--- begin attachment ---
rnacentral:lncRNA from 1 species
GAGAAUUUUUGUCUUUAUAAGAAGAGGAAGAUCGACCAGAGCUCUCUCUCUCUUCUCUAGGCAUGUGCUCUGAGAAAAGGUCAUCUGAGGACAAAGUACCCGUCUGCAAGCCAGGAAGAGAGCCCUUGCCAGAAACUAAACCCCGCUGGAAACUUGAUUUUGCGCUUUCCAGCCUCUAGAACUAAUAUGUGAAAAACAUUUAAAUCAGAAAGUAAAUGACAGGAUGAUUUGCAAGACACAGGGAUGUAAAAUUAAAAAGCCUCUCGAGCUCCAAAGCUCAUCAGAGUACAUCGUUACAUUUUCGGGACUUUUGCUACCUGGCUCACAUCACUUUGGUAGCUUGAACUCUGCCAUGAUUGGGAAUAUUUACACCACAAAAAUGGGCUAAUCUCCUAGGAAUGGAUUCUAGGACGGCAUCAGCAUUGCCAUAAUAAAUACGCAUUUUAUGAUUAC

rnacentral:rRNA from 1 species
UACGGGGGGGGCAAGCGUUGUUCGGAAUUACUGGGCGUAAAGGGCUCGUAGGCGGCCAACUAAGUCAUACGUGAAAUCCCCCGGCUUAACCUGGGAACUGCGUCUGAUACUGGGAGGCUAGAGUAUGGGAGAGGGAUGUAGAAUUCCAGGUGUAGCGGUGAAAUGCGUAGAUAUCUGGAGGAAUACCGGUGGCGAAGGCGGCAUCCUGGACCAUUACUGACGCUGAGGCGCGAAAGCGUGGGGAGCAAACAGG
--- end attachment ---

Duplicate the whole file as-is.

rnacentral:lncRNA from 1 species
GAGAAUUUUUGUCUUUAUAAGAAGAGGAAGAUCGACCAGAGCUCUCUCUCUCUUCUCUAGGCAUGUGCUCUGAGAAAAGGUCAUCUGAGGACAAAGUACCCGUCUGCAAGCCAGGAAGAGAGCCCUUGCCAGAAACUAAACCCCGCUGGAAACUUGAUUUUGCGCUUUCCAGCCUCUAGAACUAAUAUGUGAAAAACAUUUAAAUCAGAAAGUAAAUGACAGGAUGAUUUGCAAGACACAGGGAUGUAAAAUUAAAAAGCCUCUCGAGCUCCAAAGCUCAUCAGAGUACAUCGUUACAUUUUCGGGACUUUUGCUACCUGGCUCACAUCACUUUGGUAGCUUGAACUCUGCCAUGAUUGGGAAUAUUUACACCACAAAAAUGGGCUAAUCUCCUAGGAAUGGAUUCUAGGACGGCAUCAGCAUUGCCAUAAUAAAUACGCAUUUUAUGAUUAC

rnacentral:rRNA from 1 species
UACGGGGGGGGCAAGCGUUGUUCGGAAUUACUGGGCGUAAAGGGCUCGUAGGCGGCCAACUAAGUCAUACGUGAAAUCCCCCGGCUUAACCUGGGAACUGCGUCUGAUACUGGGAGGCUAGAGUAUGGGAGAGGGAUGUAGAAUUCCAGGUGUAGCGGUGAAAUGCGUAGAUAUCUGGAGGAAUACCGGUGGCGAAGGCGGCAUCCUGGACCAUUACUGACGCUGAGGCGCGAAAGCGUGGGGAGCAAACAGG